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Training Strategy

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Hi I am new to training and have been assigned the task of putting a training strategy together.

Is there a right and wrong way to do this ?

11 Responses

  1. at the risk of being very contentious……

    ….unless this is a test of your resourcefulness/a purely learning exercise you should consider reporting your boss for setting unrealistic expectations……………..

    Asking someone "new to training" to "put together" a training strategy is a rather strange approach, perhaps an example of the "blind leading the blind".  IF this is a genuine work task upon which the organisation will rely and you will be judged it perhaps explains the low regard in which L&D/training is sometimes held*

    *See Garry Platt’s previous post re a recent survey relating to the low opinion of L&D departments perceived ability to help businesses overcome the skills gap

     

    Rus

  2. Training strategy

    Nicky

    Putting together a training strategy is not like putting together flat pack furniture. It takes knowledge of both L&D and the business, access to right people and the authority to make tough choices.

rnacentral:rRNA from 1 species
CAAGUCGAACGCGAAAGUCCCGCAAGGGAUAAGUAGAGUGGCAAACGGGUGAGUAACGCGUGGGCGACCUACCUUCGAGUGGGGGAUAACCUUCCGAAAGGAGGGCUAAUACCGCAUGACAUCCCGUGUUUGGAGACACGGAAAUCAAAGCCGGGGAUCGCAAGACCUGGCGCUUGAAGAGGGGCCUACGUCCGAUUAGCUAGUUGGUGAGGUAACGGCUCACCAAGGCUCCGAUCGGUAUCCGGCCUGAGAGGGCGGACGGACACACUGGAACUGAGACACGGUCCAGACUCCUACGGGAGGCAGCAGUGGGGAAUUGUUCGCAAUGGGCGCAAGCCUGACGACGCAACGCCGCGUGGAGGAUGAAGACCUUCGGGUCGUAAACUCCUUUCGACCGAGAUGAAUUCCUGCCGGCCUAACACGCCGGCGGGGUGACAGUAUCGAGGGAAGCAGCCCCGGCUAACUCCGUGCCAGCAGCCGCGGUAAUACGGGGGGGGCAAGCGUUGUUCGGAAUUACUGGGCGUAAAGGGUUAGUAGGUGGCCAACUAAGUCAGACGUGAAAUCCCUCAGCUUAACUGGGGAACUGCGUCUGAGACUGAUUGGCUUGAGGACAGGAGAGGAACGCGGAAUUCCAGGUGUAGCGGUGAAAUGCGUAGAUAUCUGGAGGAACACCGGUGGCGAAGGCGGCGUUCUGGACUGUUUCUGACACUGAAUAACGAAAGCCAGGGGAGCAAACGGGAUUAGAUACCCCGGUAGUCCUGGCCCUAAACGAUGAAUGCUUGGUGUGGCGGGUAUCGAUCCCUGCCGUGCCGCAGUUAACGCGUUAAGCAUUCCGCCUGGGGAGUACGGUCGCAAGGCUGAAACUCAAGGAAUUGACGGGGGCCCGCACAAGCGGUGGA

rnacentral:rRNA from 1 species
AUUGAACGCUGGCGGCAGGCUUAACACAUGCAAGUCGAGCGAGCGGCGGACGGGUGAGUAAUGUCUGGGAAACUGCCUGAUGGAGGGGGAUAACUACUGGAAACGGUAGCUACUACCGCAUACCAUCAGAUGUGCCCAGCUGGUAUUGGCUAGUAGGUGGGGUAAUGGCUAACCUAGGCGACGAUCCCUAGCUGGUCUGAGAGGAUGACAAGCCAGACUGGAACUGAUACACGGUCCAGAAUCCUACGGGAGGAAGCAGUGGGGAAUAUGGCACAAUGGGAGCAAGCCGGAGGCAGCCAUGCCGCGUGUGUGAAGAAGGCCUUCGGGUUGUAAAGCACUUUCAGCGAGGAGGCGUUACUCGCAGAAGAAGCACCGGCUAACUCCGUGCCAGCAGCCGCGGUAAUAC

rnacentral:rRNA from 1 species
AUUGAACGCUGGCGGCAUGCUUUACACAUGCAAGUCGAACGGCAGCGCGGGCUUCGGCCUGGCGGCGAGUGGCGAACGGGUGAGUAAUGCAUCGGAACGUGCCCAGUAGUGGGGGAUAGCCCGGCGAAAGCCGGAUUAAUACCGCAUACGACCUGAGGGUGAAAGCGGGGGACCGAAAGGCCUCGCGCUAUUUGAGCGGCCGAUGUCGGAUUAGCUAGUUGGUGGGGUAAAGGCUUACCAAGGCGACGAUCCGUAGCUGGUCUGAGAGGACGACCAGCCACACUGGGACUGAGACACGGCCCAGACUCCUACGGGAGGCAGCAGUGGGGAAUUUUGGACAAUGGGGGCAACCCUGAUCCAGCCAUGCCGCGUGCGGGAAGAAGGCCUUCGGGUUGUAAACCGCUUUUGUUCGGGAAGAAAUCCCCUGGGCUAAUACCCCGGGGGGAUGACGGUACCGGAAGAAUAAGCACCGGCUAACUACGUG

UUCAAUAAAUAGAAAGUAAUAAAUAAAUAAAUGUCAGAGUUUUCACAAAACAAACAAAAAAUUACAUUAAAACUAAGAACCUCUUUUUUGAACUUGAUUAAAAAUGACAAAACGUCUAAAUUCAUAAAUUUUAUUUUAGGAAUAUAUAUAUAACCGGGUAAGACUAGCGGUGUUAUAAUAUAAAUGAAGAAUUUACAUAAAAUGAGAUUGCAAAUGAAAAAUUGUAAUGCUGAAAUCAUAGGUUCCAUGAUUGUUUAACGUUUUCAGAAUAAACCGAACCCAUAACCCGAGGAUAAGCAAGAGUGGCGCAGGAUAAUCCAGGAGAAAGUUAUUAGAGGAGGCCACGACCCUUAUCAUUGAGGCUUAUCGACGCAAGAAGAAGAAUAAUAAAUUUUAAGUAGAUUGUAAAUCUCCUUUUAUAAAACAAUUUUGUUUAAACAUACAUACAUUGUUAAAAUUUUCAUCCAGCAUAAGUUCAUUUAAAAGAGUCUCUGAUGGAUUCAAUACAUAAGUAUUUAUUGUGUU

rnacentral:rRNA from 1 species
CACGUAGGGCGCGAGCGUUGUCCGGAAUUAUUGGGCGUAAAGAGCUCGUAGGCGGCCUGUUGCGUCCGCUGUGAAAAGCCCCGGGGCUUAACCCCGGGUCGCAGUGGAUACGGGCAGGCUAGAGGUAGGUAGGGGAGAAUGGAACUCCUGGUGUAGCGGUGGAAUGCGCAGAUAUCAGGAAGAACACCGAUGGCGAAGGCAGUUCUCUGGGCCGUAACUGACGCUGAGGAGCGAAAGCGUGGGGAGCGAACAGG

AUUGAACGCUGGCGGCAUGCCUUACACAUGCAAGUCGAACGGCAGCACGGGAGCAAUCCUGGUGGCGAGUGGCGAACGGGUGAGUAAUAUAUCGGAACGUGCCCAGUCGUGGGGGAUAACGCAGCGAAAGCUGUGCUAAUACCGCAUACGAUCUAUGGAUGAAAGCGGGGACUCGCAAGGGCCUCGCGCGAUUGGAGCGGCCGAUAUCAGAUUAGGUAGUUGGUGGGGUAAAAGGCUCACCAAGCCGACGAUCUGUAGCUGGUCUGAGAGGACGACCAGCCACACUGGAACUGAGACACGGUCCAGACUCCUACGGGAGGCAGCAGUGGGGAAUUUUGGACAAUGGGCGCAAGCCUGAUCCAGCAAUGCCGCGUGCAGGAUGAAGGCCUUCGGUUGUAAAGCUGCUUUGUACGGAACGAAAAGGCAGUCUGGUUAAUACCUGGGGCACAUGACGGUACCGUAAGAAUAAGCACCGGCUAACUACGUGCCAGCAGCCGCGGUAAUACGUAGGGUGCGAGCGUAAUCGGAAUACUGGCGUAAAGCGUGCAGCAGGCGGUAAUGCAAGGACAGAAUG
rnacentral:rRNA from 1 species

That said, I can recall a simpler scenario to the one you describe except it was a young woman who approached me and said: "I’m new to marketing and have been asked to put together a marketing strategy". She ended up doing a terrific job, partly because she knew so little. She started by interviewing the CEO, then she studied all the business plans and performance data, she spoke with contacts in agencies about trends in marketing, she constructed an interview questionaire which she used when speaking with a number of benchmark organisations, she started to pencil out some possible scenarios and talked them through with various senior managers (by now she had sufficient hard data at her finger tips to push back when the finance director asked her to justify some of the potential expenditure), she kept talking with her boss at each stage, and with me as her mentor, she didn’t copy others’ strategies as if they were templates but she did learn from them about what sorts of things to major on, for every big strategic issue she thought through to the detail of how it might work to test its viability, for every tactic and point of detail she checked how well that would contribute to the overall strategic objectives, she presented her draft proposals, including some tough cuts to staffing and some new spending on viral approaches, she took on board feedback and got answers to questions that had been raised, she agreed with her boss what the final product should look like, and she went with her boss to present it to the Board. She learnt a lot. She gained trust and respect and, dispite her lack of knowledge, her approach helped give marketing added profile and credibility. And, best of all, she had set out in the strategy that it should be a live and dynamic issue to be managed by the Head of Marketing and not a static document, and that it should be evaluated so that lessons learnt could inform the future.